The European Commission says it will investigate a £17.4 million ($24.97 million) aid package the U.K. granted to Ford Motor Co. for investment at the auto maker’s Bridgend (South Wales) engine facility.

Ford plans to invest £243 million ($347 million) at Bridgend before 2004 in an effort to boost capacity of both V-6 and V-8 engines produced at the plant. The Bridgend plant produced 700,000 engines in 2000 and expansion plans call for output to rise to 1,075,000 units by 2004. The engines will be supplied to the Ford, Jaguar, Land Rover and Aston Martin brands.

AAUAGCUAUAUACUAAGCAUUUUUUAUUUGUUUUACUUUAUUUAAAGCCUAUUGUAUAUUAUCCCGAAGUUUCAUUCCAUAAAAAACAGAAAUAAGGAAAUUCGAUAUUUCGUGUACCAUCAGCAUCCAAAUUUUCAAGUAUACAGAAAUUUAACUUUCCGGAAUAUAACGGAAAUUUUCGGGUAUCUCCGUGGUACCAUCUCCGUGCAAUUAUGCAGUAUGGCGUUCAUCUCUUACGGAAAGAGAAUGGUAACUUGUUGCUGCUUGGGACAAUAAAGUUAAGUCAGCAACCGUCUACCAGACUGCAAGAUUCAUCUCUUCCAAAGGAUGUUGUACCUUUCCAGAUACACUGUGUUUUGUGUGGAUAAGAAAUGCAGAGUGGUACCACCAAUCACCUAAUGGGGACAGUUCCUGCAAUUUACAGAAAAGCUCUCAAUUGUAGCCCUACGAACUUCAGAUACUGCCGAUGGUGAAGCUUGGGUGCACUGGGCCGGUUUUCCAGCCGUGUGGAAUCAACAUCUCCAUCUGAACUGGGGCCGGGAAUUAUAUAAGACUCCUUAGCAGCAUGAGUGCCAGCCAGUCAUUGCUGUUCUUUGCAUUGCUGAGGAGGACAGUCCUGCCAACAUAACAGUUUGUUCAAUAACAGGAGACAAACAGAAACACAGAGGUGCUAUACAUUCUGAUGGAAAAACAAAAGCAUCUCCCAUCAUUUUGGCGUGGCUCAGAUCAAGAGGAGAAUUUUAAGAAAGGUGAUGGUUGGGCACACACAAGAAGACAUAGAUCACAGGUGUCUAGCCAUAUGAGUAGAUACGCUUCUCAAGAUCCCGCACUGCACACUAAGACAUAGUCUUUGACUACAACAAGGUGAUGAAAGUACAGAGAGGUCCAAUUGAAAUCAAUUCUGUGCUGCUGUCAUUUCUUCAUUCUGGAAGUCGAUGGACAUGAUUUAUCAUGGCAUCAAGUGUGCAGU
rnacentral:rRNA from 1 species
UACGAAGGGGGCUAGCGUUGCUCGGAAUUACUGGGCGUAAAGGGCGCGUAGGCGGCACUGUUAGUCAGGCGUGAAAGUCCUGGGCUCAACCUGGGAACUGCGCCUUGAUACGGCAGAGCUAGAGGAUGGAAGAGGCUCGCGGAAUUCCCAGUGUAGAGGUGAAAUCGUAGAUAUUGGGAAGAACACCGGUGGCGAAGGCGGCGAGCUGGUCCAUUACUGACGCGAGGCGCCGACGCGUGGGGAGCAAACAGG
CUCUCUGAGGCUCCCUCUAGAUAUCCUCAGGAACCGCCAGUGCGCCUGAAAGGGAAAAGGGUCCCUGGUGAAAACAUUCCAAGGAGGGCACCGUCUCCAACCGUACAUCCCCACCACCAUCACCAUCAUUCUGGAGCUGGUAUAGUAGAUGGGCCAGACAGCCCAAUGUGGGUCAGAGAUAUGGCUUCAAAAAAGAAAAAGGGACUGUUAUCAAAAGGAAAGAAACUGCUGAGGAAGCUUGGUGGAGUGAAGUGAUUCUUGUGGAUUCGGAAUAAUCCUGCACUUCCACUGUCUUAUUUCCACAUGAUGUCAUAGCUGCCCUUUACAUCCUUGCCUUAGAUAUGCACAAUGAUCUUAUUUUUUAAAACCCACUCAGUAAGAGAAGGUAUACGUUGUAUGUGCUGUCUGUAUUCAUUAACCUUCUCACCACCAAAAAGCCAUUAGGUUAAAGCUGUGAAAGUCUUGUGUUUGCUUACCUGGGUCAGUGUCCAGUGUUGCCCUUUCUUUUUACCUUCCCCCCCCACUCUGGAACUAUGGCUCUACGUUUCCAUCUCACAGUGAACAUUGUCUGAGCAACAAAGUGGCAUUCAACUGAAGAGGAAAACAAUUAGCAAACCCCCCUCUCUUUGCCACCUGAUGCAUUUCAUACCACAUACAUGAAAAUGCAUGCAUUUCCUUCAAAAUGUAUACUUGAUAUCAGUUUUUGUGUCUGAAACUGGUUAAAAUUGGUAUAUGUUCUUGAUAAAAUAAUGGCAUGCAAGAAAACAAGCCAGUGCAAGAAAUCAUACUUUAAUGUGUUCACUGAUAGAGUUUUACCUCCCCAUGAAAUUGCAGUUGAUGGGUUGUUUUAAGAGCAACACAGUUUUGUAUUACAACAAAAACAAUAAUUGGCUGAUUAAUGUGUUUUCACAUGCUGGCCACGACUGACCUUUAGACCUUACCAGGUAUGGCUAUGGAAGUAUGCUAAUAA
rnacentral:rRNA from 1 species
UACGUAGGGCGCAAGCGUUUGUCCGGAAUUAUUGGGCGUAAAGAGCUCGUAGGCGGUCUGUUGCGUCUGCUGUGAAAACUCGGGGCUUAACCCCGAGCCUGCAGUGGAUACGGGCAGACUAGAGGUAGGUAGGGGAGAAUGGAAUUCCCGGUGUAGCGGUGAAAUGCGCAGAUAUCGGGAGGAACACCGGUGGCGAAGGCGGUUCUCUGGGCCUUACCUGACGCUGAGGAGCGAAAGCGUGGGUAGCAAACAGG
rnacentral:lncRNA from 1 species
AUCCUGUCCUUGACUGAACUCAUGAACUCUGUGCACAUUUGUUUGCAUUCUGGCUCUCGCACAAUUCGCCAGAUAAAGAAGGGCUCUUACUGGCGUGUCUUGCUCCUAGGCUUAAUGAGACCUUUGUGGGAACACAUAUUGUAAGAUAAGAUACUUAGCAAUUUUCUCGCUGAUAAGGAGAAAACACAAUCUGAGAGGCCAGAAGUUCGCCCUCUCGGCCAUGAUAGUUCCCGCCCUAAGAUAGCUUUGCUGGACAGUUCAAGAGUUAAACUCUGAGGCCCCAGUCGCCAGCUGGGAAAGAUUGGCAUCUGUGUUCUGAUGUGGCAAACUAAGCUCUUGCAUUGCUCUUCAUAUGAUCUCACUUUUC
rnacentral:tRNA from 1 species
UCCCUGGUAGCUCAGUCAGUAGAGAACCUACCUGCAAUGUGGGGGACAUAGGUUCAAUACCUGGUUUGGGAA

U.K. authorities granted the aid package after Ford considered partial production of the engines at its Cleveland, OH, engine plant and purchasing additional volume from another manufacturer.

The commission says it has not been able to establish whether the aid package meets the guidelines of state aid to the motor vehicle industry. The commission’s main concern revolves around whether the U.K. was justified in comparing production costs at Bridgend with a location outside of Europe. Commission rules require cost comparisons be completed on identical projects. The U.K. must respond to the Commission’s inquiry by March 13.